Facing a murderer, and her past Slain 10-year-old's mother gets her wish after 16 years

October 04, 1998|By Joan Jacobson | Joan Jacobson,SUN STAFF

Nearly every day, Chessa LeAnne Barnett sat in the courtroom, clutching the small pink and orange plaid shirt that her son, Adam, treasured before he was murdered 16 years ago.

The 10-year-old boy called the shirt "my precious" after the magic ring in the J. R. R. Tolkien book "The Hobbit." While Adam slept, his mother would sneak into his room to retrieve and wash it. As Adam's killer, Roger Stump, was finally being tried, the carefully pressed shirt seemed to bring Barnett comfort even as she endured the raw details about the last moments of her son's life.

"Emotionally I'm back 16 years ago, but I had to be here," she said as she awaited a verdict last week. "I fought Adam's battles for him for the 10 years he lived. I was going to see this through."

On Friday, after a five-day trial and seven hours of deliberation, a Baltimore County Circuit Court jury convicted Stump of second-degree murder.

Barnett had waited a long time for the chance to look down from the witness stand at Roger Stump, a white Middle River man who was 17 when Adam was murdered in 1982.

"I always believed that someday I was going to come face-to-face with the person who killed Adam," she said. "I have known his name for 15 years."

Indeed, in the east-side neighborhood of Hawthorne, Roger Stump's name was connected to Adam Faulkner's murder for more than a decade. Witnesses, who refused to talk when they were teen-agers in the 1980s, came forward years later. And it took Baltimore County police years to charge Stump with the racially motivated strangling of the boy at the edge of Middle River in the dark morning hours of June 29.

But Barnett believes there was another reason for the long delay.

"I really believe nobody cared, because Adam was biracial," said Barnett, who is white. Adam's father, who is African-American, was divorced from Barnett when Adam was 1 year old.

In the years before Adam died, she said she had seen racism repeatedly in their eastern Baltimore County community.

"I can't tell you how many times he came home and people called him a zebra," she said.

"He lived 10 years, five months and seven days. In my heart I believe [Stump] still thinks Adam didn't deserve to live because he was biracial."

For years, Barnett held hope that Stump would someday be arrested. Even after she moved her other three children to Oklahoma, she stayed in touch with county police every year.

For her, the wait was excruciating.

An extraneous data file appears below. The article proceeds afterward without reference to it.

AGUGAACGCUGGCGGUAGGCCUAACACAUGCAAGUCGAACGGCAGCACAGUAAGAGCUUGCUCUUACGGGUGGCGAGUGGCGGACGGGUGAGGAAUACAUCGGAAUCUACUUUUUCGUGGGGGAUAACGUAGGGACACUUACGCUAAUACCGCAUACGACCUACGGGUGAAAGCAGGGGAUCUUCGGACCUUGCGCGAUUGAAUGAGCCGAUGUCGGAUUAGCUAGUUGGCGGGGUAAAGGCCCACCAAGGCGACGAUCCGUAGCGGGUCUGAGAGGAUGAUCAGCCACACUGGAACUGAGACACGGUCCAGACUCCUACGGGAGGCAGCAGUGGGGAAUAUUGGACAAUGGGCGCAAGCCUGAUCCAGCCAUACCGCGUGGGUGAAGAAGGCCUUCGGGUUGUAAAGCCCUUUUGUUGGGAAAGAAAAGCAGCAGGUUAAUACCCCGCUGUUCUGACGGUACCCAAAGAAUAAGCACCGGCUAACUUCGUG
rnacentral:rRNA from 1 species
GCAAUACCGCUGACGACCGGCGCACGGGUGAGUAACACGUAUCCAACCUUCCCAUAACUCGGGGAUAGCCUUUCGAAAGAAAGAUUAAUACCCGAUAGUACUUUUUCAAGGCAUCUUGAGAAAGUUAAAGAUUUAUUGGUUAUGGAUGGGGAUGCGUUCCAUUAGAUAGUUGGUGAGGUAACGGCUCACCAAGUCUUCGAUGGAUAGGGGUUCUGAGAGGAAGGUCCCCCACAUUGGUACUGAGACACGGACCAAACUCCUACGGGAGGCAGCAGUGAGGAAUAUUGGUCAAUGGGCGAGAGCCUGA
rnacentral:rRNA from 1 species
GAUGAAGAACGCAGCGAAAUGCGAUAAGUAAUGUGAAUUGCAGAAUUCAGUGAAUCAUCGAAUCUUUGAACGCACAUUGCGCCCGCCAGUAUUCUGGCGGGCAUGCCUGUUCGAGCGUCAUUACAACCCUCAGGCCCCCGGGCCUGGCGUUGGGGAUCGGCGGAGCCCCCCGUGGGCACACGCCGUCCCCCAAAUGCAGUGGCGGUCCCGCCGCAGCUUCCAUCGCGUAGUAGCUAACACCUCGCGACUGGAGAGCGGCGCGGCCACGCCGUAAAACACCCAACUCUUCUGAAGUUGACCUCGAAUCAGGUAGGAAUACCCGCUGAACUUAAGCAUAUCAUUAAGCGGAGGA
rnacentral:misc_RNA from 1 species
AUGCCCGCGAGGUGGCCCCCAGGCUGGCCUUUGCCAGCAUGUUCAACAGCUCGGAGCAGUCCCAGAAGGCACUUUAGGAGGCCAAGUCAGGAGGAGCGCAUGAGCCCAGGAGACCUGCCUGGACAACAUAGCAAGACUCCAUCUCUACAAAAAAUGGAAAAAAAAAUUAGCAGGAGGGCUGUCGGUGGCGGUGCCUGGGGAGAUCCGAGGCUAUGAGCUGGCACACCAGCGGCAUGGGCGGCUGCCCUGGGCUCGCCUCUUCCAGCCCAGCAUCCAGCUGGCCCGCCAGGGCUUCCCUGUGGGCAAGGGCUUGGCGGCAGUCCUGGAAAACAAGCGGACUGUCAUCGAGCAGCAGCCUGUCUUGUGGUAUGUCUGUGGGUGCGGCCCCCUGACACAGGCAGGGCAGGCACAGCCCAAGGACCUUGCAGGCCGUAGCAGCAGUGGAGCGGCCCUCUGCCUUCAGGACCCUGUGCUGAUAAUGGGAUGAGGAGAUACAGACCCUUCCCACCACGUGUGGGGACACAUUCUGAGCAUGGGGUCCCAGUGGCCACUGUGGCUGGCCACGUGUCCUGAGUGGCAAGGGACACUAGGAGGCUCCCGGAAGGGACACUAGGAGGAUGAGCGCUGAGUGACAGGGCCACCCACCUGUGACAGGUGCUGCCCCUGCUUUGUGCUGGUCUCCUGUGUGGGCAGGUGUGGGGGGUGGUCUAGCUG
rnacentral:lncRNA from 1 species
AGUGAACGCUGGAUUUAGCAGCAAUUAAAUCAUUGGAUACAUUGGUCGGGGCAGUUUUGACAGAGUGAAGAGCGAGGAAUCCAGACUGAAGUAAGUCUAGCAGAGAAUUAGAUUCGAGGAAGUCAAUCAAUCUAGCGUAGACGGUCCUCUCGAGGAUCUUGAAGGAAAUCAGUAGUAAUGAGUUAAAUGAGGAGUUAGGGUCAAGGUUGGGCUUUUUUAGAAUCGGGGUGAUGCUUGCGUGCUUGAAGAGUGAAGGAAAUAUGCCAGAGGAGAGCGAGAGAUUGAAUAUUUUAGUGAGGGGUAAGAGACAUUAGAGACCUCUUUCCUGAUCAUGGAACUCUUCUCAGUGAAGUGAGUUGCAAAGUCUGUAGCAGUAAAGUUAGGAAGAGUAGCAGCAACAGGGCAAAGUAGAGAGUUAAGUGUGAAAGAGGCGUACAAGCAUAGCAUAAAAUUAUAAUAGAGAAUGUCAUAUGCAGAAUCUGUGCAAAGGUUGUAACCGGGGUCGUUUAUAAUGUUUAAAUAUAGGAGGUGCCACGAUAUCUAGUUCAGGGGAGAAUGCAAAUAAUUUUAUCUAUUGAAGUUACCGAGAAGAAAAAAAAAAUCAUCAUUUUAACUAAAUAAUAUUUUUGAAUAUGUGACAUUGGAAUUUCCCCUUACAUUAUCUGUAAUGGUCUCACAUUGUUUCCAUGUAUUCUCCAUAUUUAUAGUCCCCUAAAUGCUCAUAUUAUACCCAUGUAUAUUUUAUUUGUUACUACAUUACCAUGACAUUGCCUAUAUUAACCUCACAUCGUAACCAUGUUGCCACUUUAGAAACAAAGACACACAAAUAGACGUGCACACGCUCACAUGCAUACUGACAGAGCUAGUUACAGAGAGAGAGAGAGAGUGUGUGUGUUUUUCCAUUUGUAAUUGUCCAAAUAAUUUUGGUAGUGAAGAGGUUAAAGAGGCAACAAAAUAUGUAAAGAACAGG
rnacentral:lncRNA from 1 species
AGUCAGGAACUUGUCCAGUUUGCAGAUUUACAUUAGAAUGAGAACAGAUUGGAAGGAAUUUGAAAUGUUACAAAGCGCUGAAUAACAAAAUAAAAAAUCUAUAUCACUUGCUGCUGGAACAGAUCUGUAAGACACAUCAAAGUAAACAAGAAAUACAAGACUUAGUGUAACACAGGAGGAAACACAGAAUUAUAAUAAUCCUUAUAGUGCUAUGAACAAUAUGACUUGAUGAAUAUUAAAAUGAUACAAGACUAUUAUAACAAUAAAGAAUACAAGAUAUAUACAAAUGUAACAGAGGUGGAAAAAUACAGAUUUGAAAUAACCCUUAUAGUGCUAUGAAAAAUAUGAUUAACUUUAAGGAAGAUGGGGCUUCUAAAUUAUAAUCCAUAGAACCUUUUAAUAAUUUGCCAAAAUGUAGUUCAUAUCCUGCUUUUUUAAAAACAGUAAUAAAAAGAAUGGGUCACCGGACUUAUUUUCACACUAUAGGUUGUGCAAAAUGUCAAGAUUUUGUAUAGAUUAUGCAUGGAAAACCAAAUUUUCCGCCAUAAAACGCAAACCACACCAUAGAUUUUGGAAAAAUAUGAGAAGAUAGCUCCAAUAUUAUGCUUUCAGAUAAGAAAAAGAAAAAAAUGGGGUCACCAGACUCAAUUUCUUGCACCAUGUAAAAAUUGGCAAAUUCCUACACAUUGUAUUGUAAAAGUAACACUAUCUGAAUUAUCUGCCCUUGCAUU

An excruciating wait

"There are no words. You function. You go on automatic pilot," said Barnett, a handsome woman with a strong, angular face that dissolves into tears and wrinkles when she talks of her son's murder.

Before Adam died, she tried to protect the child and his younger brother Marcus -- also biracial -- from bigoted comments.

"I was a protective mother before he died. After he died I was obsessed," she said. "Until Marcus started high school, I walked him to the bus and I met him at the bus every day. None of my children was ever alone."

"We didn't have many friends," she said. After Adam died, "we made our own world."

During the trial, Adam was portrayed as a sensitive boy who "wore his heart on his sleeve" and ran away from home on a number of occasions after having his feelings hurt by racial slurs, or after fighting with his stepfather. Often, he was locked in his room to prevent him from leaving.

The night before Adam died, after arguing with his stepfather, he ran away from home with his fishing pole and bicycle and a comforter from his bed. Stump's attorney, Harold I. Glaser, described Adam's life as "tragic," suggesting that his stepfather may have been responsible for his death.

But Barnett remembers a different side of her oldest son.

"He was a genius. He had an IQ in excess of 180," she said of the boy with tan skin who left her notes with smiley faces saying, "I love you mommy."

"He could draw a whole room in perfect dimension when he was in kindergarten. What a loss."

Of Roger Stump and his brother, John, who was convicted in July of accessory after the fact of murder for helping submerge Adam's body in Middle River, she said:

"They didn't just take Adam from me, they took him from the world. I have no doubt he would have grown up to be a great man."

An emotional toll

The trial took an emotional, yet necessary, toll, she said.

With tears covering her cheeks, Barnett recalled the testimony by Roger Stump's girlfriend about his confession to her 10 years after the murder. It was then Barnett learned about Adam's final confrontation with racism, as Stump flung a racial slur at the child as he cried out, "I want my mommy."

"That was one fight I wasn't there to fight for him," his mother said.

During a break in the trial last week, Barnett went back to Middle River in Hawthorne and tossed red, blue and purple flowers along the water where Adam died.

On her way there she saw two little children, a black boy and a white girl playing together with a wagon.

"I thought, 'At least children can play together now,' " she said. "When Adam played down there it would never have happened. If people could only see. No one deserves that amount of hate."

Pub Date: 10/04/98

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